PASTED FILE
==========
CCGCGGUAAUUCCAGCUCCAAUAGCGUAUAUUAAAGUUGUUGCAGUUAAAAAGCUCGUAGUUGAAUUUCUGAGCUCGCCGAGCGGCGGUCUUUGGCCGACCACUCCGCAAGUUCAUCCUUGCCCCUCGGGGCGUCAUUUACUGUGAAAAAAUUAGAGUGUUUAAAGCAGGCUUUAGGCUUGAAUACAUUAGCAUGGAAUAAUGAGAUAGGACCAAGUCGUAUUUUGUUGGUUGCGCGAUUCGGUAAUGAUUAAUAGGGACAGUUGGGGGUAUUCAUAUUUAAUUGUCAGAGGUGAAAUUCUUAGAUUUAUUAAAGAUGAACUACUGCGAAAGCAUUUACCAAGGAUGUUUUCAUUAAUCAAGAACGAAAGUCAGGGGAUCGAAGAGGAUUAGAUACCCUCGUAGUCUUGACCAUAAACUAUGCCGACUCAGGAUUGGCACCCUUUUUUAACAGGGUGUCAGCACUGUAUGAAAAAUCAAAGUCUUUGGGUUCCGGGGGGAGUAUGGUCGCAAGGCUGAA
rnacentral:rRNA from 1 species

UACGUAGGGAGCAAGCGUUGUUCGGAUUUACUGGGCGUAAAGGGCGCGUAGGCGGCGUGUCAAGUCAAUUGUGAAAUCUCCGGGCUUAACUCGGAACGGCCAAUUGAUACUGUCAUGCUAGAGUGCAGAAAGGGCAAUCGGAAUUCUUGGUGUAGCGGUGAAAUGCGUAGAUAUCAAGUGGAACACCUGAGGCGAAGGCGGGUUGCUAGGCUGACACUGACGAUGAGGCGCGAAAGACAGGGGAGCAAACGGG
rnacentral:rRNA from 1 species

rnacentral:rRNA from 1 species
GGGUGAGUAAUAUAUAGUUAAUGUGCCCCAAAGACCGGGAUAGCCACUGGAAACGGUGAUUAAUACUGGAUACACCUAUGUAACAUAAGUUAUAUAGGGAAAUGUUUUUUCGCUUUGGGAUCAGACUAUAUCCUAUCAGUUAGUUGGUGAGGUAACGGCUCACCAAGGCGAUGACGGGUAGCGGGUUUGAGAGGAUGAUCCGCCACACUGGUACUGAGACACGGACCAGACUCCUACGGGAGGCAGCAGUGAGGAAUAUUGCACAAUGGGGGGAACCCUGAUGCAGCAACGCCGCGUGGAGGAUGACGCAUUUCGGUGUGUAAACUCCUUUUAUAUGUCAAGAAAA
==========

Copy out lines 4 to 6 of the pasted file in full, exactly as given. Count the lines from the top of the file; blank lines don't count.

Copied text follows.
rnacentral:rRNA from 1 species

rnacentral:rRNA from 1 species
GGGUGAGUAAUAUAUAGUUAAUGUGCCCCAAAGACCGGGAUAGCCACUGGAAACGGUGAUUAAUACUGGAUACACCUAUGUAACAUAAGUUAUAUAGGGAAAUGUUUUUUCGCUUUGGGAUCAGACUAUAUCCUAUCAGUUAGUUGGUGAGGUAACGGCUCACCAAGGCGAUGACGGGUAGCGGGUUUGAGAGGAUGAUCCGCCACACUGGUACUGAGACACGGACCAGACUCCUACGGGAGGCAGCAGUGAGGAAUAUUGCACAAUGGGGGGAACCCUGAUGCAGCAACGCCGCGUGGAGGAUGACGCAUUUCGGUGUGUAAACUCCUUUUAUAUGUCAAGAAAA